However, the CeO 2 is seldom used alone because a high degree of textural stability of CeO 2 catalyst can only be obtained by doping or modifying the preparation parameters. 6 Therefore, CeO 2 is often combined with other metal oxides generally from active transition and noble metals. The addition of Ni as a second metal in this research is the best method to promote the formation of methane since nickel was categorized as active material for methanation of carbon dioxide due to their high catalytic activity and high selectivity to methane. 7
Therefore, this research is looking at ways to convert carbon dioxide to higher value added product of CH 4 by using cerium based catalyst which could provide means for sustainable development. For that reason, it is necessary to remove the carbon dioxide from the flue gas of coal burning power plant via chemical conversion technique. This process is not only creates a green and sustainable environment but produces the methane gas which can also be used as a fuel to run turbine for electricity. In order for this method to be effective, a suitable catalyst should be prepared that has higher basicity and higher surface area with small particle size which is highly dispersed on the catalyst surface. Such characteristic must be applied to promote the selective CO 2 methanation gas process by reduction reaction.
Experimental
Preparation of Catalysts. All the catalysts were prepared by aqueous incipient wetness impregnation method. 5 g of Ce(NO 3 ) 2 ·2H 2 O obtained from MERCK was dissolved in small amount of distilled water. Mixed catalyst solution was prepared by mixing an appropriate amount of second metal which were 2.05 g of Cu, 2.46 g of Mn or 2.66 g of Ni nitrate salts (Sigma Aldrich) with Ce(NO 3 ) 2 ·2H 2 O solution according to its ratio listed in Table 1 . A homogeneous mixture was obtained by electromagnetic stirring at room temperature for 30 minutes. Alumina beads with diameter of 3 mm were used as support material in this study. The support was immersed into the catalysts solution until the solution was evenly absorbed on the surface of the support. The coating process was repeated three times with drying at ambient temperature for every coating process. It was then aged inside an oven at 80–90 ℃ for 24 h followed by calcinations using a furnace in the air atmosphere at 400 ℃ for 5 h using a ramp rate of 10 ℃/min to remove all the metal counter ions and water present in the catalyst.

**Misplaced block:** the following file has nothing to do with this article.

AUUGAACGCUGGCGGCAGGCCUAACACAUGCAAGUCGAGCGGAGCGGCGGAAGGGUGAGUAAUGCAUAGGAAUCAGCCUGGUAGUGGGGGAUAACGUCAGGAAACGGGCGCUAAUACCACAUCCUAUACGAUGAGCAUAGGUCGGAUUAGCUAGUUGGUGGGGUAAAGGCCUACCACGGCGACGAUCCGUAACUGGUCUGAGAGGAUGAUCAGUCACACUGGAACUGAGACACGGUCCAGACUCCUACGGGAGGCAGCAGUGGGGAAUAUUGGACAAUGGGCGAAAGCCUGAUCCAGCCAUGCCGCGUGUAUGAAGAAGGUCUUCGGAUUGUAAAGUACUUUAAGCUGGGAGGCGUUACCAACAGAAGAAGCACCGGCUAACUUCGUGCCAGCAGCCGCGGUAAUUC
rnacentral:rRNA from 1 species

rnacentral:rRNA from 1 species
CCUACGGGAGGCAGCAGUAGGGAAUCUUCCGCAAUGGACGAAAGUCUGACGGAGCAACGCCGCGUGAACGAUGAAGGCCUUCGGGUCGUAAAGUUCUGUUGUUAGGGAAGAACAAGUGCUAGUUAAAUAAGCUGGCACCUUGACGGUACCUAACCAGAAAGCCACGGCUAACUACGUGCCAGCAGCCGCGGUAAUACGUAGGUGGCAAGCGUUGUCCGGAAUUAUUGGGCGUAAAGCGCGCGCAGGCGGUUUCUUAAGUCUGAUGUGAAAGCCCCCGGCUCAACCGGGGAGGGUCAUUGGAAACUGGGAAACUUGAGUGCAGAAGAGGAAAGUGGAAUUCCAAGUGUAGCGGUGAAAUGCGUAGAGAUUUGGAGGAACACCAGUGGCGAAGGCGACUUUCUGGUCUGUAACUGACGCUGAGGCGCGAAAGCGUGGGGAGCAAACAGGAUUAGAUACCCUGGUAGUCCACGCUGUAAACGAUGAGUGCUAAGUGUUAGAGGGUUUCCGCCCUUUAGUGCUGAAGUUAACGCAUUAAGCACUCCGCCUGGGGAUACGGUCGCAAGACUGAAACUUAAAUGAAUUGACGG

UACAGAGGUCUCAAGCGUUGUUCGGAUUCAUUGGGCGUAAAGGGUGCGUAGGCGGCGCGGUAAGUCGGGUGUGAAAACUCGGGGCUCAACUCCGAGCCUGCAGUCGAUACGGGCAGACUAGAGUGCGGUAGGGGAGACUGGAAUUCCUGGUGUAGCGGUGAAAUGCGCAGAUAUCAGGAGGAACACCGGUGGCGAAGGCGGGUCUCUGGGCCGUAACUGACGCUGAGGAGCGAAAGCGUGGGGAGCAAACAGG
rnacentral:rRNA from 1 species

Cerium based catalysts prepared by wetness impregnation method
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aCrystallite size calculated by Scherer Equation XRD.
Characterization. The prepared catalyst undergoes several characterization techniques to study its chemical and physical properties. The structure of the catalyst was determined by X-ray Diffraction (XRD) using Cu Kα radiation (λ = 1.54060 Å). Data was collected over the range of 2θ from 20° to 80° and analyzed by a PC interfaced to the diffractometer using software called Diffrac Plus. Field Emission Scanning Electron Microscopy analysis was measured using a Ziess Supra 35VP FESEM with the energy of 15.0 kV couple with EDX analyzer in order to determine the morphology and elemental composition of the catalyst. The sample was bombarded using an electron gun with a tungsten filament under 25 kV resolution to get the required magnification image. N 2 adsorption/desorption isotherm analysis of the catalyst was obtained using Micromeritics ASAP 2010 volumetric adsorption analyzer at −196 ℃. Prior to the measurement, the calcined catalysts were degassed at 120 ℃ overnight. The isotherms were used to determine the following parameters: surface area [using Brunauer–Emmett–Teller (BET) equation], total pore volume, total micropore volume, and total mesopore volume. Temperature Programmed Reduction (TPR) was carried out with pure hydrogen gas inside a Shidmadzu TGA-50 analyzer. About 30-40 mg of sample was heated from room temperature to 1000 ℃ at a heat ramp rate of 3 ℃/min. The hydrogen flow rate for all experiments was 200 mL/min.